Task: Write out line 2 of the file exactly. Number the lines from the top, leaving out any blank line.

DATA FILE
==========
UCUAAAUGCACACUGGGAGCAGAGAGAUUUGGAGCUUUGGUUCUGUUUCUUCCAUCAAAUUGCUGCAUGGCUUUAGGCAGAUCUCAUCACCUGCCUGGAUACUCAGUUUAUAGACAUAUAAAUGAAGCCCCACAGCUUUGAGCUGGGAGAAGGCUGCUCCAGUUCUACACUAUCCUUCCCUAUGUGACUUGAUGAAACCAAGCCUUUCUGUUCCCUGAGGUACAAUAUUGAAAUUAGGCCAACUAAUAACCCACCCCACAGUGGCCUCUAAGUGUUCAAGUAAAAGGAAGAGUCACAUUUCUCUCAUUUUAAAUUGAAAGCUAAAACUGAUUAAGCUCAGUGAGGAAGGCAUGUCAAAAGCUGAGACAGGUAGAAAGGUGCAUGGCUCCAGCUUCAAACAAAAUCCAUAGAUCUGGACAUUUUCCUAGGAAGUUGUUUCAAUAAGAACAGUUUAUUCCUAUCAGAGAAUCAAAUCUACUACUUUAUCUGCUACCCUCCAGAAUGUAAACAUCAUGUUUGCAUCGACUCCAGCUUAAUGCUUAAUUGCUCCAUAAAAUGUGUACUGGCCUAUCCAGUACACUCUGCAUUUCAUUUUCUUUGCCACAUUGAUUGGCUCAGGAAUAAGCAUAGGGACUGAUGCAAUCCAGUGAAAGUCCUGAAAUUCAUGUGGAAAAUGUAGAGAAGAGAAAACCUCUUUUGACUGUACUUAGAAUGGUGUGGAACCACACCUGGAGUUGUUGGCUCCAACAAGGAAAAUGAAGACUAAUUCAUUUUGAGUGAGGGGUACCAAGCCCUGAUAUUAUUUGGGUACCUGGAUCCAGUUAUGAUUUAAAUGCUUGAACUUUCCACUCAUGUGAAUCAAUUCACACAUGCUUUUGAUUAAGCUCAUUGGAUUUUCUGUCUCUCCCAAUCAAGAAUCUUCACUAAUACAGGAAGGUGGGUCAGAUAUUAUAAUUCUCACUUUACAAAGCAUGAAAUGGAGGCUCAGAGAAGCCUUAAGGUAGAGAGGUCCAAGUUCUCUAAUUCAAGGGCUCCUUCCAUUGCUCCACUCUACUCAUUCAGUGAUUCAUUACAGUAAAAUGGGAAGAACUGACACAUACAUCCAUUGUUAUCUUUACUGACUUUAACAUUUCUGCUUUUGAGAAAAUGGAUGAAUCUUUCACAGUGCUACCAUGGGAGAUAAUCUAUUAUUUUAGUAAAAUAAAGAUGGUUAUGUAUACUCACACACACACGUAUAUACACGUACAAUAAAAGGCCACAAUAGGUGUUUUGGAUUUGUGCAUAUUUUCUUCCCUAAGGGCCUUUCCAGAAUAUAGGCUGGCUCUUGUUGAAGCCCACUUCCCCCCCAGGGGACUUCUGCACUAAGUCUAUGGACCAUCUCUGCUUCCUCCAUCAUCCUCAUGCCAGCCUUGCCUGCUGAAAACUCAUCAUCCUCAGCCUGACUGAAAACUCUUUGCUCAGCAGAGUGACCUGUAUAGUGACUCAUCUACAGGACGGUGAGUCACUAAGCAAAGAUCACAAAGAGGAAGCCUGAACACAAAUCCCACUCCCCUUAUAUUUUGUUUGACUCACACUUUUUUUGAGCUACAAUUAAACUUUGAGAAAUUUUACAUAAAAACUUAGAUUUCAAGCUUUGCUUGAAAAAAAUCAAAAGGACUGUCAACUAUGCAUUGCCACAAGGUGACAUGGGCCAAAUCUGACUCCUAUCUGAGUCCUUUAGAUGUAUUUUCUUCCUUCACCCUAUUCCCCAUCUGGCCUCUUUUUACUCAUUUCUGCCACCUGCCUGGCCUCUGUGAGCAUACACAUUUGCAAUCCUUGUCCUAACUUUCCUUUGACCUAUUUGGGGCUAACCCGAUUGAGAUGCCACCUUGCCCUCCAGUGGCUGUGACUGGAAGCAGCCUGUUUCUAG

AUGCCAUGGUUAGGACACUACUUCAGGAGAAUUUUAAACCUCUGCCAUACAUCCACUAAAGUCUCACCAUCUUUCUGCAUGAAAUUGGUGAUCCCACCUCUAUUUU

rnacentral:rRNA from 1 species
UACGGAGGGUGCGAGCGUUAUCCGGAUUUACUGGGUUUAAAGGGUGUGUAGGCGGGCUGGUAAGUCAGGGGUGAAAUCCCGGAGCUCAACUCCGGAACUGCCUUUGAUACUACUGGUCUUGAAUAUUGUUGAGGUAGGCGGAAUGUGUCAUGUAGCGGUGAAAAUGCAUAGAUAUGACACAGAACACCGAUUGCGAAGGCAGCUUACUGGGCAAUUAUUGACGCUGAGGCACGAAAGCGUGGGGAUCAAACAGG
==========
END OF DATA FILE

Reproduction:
AUGCCAUGGUUAGGACACUACUUCAGGAGAAUUUUAAACCUCUGCCAUACAUCCACUAAAGUCUCACCAUCUUUCUGCAUGAAAUUGGUGAUCCCACCUCUAUUUU